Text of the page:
Cash-flow is king in the construction industry, and the recent collapse of Stonewood Homes provides another reminder about the need to protect subcontractors from such an event.
The collapse of Stonewood Homes is just a high profile example of an all too common occurrence in the industry, that ultimately results in subcontractors suffering the most. The upcoming introduction of the retentions trust regime in 2017 is a measure designed to secure retentions, but this is only a small percentage of what subcontractors stand to lose in the event of the insolvency of a main contractor.
However, there are proactive steps subcontractors can take right away to protect themselves.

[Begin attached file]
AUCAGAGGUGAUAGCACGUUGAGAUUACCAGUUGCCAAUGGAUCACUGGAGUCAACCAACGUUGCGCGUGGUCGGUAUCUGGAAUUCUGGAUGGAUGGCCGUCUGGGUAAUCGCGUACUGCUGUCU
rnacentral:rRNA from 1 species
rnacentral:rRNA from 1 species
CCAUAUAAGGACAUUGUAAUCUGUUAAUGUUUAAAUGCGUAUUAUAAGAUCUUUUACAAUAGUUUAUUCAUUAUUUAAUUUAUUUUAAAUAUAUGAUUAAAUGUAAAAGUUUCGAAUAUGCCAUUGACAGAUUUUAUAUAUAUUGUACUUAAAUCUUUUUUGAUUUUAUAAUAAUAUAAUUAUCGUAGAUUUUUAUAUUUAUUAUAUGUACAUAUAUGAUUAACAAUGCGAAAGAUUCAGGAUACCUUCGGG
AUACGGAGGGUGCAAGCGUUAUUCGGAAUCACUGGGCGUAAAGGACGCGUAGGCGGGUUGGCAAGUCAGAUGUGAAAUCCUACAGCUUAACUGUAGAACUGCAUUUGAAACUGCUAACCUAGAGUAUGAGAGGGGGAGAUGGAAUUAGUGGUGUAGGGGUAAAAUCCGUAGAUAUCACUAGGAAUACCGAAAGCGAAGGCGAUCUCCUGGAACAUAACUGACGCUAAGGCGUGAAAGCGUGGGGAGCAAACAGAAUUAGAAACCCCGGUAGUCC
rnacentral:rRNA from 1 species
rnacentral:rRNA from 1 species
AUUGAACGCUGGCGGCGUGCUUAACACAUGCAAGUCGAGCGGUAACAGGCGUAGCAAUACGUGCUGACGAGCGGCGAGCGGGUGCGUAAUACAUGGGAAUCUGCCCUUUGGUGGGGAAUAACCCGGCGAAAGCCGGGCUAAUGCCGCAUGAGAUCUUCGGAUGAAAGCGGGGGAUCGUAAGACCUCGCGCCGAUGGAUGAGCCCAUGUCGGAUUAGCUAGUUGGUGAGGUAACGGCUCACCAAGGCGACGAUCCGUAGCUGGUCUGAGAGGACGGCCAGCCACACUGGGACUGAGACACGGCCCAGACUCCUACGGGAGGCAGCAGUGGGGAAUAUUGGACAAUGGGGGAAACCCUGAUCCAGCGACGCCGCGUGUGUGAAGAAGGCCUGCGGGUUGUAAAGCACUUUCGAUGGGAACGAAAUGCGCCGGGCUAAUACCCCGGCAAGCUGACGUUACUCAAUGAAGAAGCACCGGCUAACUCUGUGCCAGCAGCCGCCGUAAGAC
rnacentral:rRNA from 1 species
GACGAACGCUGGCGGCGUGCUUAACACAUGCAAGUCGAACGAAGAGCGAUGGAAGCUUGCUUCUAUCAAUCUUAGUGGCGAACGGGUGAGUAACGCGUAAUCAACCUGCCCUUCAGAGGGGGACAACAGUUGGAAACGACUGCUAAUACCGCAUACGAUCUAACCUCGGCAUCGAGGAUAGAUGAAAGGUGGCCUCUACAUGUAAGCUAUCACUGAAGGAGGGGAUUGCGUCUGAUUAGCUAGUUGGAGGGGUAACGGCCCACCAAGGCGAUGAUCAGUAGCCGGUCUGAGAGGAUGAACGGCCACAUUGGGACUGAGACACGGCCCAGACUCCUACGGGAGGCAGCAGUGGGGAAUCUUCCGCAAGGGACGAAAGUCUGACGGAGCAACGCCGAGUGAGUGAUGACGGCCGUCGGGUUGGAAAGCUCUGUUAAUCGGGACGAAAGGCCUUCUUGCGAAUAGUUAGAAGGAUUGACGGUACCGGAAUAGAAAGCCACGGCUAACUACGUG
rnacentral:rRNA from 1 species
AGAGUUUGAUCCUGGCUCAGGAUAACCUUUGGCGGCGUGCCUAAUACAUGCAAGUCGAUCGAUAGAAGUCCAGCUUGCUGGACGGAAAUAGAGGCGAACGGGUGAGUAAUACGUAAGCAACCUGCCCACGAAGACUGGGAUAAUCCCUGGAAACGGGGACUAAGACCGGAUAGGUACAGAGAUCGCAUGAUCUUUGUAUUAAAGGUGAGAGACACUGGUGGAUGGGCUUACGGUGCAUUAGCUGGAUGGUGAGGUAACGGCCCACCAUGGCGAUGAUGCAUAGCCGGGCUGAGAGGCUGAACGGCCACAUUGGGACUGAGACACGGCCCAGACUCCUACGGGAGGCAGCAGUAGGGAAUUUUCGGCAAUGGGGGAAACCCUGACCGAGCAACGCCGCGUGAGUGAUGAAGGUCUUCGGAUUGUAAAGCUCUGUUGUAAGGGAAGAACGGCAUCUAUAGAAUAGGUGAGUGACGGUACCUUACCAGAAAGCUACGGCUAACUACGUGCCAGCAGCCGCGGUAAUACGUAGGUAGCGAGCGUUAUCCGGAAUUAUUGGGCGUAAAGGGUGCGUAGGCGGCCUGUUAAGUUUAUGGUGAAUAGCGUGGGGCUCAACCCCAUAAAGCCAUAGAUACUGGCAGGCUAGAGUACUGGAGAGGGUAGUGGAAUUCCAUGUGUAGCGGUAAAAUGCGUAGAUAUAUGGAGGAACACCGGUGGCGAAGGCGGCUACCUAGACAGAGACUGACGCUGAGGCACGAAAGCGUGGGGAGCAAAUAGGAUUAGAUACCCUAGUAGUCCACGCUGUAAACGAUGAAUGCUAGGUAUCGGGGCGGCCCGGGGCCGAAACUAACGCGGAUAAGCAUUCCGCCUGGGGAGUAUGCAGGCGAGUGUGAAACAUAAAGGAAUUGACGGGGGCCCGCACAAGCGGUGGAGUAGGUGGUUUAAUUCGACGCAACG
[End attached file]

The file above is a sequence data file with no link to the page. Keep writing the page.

Christchurch’s building debt has increased by about 40 percent from 2014 as more subcontractors are being chased for money they owe – and in turn chasing clients for money owed to them. To combat cash flow issues one debt collection agency recommends reducing payment terms – for example from two weeks to one.
Another example of a way subcontractors can protect themselves is taking out insurance. A subcontractor can take out a Subcontractor Payment Guarantee policy, this will insulate them in the event of a head contractor insolvency and guarantee them up to 75% of the money they are owed. Boutique insurer Builtin offers such a policy, which is an innovative way of securing cash-flow and insuring the failings of a head contractor don’t trickle down.
Subcontractors are in a vulnerable position in the industry, and there needs to be effective mechanisms in place to ensure they are paid what is due – a measure of protection is offered by the Construction Contracts Act but as demonstrated there are other ways subcontractors can have assurance they will weather the failure of a head contractor.